Leslie R. Barth - Page 20

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                        So that at the time that the statement was made, I                              
                  think--I don't recall the exact words, but it was                                     
                  indicated that amounts were advanced, in other words,                                 
                  which were repaid during the current year or in                                       
                  subsequent years.                                                                     

            This testimony does not in any way exonerate petitioner.                                    
            "Rerouting" funds received from Bergman & Barth would not make                              
            them nontaxable.  To the contrary, petitioner's "rerouting"                                 
            transactions, in the context of the entire record of how he used                            
            multiple entities and devices to minimize or avoid taxes, are                               
            evidence of an intent to conceal income.  Petitioner's prior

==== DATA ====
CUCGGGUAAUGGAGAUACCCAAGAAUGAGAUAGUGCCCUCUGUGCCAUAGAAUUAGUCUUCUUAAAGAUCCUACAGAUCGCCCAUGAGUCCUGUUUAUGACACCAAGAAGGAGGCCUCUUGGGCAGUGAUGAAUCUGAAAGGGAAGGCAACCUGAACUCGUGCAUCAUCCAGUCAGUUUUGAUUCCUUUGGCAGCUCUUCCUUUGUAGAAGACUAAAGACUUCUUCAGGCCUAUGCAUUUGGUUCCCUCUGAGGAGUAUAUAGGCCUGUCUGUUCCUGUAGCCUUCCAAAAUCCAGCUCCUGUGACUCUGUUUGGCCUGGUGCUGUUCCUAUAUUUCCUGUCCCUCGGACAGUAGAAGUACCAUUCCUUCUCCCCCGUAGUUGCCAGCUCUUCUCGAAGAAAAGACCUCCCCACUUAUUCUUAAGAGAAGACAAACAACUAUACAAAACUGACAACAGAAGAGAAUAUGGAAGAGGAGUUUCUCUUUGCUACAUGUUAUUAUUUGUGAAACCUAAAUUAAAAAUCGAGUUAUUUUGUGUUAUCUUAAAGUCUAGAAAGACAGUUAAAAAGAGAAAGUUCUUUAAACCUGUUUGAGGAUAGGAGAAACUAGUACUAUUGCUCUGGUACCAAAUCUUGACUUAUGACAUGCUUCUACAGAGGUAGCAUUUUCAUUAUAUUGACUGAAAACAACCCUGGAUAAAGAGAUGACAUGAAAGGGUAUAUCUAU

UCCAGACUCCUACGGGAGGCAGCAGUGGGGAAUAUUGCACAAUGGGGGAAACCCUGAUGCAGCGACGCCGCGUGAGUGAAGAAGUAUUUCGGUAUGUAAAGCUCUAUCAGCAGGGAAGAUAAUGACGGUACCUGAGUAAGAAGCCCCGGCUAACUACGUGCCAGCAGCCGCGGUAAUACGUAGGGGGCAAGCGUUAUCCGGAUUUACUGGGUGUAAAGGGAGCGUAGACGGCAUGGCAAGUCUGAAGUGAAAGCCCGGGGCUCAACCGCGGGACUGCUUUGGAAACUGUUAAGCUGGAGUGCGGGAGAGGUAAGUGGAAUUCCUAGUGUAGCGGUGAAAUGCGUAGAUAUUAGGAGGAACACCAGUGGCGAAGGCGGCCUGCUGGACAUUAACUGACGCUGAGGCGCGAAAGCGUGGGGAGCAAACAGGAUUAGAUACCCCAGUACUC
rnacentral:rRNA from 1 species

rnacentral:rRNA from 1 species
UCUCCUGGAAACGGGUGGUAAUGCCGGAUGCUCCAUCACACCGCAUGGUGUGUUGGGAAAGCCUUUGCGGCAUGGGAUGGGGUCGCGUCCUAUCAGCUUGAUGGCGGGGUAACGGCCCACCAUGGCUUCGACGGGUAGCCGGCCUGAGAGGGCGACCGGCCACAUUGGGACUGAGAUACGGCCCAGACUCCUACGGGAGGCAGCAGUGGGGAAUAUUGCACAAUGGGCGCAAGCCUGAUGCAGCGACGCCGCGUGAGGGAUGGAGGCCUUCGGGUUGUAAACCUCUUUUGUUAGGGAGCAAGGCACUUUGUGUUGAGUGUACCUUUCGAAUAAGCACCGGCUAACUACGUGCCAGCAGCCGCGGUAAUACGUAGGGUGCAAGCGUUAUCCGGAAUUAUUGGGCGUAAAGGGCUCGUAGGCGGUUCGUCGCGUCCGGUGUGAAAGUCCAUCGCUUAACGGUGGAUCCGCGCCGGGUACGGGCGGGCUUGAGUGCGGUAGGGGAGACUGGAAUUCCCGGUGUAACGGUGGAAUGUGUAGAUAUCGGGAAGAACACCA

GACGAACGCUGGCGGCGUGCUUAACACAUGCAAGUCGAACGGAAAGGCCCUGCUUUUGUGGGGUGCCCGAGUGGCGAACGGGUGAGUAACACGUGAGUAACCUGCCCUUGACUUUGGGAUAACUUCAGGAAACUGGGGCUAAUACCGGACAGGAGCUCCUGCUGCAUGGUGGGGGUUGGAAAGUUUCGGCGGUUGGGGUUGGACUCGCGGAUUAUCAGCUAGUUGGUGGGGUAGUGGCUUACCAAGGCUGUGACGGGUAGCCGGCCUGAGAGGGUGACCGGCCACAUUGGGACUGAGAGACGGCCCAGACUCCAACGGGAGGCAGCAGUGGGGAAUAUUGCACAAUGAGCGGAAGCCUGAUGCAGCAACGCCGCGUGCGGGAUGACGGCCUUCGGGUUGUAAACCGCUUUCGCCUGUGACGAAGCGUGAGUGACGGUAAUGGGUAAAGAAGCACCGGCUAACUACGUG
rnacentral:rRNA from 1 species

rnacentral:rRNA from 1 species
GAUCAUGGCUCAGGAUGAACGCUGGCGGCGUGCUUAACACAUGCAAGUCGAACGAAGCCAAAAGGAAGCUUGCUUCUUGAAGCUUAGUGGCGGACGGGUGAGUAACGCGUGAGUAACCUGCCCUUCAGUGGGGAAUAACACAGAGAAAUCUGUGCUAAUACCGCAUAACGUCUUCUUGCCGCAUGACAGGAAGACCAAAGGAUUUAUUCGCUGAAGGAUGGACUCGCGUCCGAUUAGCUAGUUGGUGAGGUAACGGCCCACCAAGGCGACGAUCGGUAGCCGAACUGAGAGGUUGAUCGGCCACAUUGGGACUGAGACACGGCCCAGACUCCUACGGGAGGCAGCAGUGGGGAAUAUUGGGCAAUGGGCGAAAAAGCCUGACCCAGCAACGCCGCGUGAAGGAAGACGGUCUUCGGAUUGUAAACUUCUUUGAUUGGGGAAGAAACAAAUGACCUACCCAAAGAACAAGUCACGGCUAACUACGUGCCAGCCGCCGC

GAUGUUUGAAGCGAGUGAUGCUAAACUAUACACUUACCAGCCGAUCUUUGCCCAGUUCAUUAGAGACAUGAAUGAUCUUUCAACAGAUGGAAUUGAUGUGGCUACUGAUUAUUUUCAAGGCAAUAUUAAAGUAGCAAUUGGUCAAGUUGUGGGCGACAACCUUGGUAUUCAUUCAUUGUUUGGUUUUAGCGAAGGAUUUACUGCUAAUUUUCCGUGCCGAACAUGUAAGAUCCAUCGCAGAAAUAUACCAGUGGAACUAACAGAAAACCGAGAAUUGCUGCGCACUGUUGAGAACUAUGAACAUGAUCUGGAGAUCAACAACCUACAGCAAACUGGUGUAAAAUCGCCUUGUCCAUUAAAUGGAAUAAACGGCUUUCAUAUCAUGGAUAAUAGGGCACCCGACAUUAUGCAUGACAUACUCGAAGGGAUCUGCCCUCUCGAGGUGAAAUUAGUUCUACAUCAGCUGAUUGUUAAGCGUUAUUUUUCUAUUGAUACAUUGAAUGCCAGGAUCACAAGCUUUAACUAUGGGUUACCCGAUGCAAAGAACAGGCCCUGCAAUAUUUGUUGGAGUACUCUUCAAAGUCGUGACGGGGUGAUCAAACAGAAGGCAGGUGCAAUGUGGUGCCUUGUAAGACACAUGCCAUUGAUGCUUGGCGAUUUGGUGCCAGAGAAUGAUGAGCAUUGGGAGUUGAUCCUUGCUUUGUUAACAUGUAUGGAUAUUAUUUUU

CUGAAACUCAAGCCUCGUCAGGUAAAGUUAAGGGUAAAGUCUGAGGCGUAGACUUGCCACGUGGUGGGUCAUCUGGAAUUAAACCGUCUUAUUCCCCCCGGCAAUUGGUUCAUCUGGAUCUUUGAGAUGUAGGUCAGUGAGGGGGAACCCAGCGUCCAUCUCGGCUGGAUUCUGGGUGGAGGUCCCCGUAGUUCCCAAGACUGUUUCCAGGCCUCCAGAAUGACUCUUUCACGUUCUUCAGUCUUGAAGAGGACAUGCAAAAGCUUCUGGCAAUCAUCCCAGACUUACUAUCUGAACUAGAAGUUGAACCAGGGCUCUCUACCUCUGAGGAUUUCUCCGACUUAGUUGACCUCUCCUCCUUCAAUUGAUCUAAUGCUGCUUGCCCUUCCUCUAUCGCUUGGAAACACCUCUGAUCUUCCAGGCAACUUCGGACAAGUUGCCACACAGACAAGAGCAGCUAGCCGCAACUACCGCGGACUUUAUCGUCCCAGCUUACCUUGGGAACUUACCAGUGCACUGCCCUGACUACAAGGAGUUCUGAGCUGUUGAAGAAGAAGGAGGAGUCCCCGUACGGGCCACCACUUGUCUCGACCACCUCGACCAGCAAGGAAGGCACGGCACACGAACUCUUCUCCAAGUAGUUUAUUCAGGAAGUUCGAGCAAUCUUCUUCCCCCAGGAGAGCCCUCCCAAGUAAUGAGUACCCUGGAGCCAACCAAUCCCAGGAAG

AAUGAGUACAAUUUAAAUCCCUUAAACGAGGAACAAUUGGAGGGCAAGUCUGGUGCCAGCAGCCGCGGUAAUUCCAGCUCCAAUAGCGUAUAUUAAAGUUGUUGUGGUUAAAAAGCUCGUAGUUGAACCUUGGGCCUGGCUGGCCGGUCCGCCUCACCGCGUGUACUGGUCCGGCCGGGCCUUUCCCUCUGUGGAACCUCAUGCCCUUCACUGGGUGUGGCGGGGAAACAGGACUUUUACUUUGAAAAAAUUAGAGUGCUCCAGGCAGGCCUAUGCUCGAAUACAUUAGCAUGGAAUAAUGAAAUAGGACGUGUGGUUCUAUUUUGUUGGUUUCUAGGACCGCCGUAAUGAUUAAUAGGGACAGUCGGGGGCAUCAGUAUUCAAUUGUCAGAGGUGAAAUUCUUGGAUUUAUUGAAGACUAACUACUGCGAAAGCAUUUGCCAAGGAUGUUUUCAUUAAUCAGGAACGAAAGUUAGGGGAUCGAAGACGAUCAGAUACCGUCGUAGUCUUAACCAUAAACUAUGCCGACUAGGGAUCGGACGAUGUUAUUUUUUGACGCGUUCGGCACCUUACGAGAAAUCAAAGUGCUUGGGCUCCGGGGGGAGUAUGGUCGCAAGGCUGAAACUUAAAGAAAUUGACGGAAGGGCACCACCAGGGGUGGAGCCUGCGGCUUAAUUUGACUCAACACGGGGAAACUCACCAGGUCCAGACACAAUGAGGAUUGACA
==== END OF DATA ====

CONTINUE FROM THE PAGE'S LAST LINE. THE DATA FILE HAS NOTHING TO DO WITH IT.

admissions of income from the firm of at least $225,000 for each                            
            of the years in issue, made on various financial statements,                                
            belie the later claims that he received only loans and no                                   
            significant taxable income from the firm.  From petitioner's                                
            statement that he "went through" the analysis with Timbie and                               
            Onofrio, we infer that they simply accepted petitioner's                                    
            representations that certain amounts were loans.                                            
                  In this case, petitioner cannot hide behind his employment                            
            of others belatedly to prepare his returns.  He did not provide                             
            accurate, complete, or comprehensible records to the persons that                           
            he employed to prepare the returns.  See Scallen v. Commissioner,                           
            supra at 1371; Foster v. Commissioner, 391 F.2d 727 (4th Cir.                               
            1968), affg. in part and revg. in part T.C. Memo. 1965-246;                                 
            Estate of Temple v. Commissioner, 67 T.C. 143, 162 (1976).                                  

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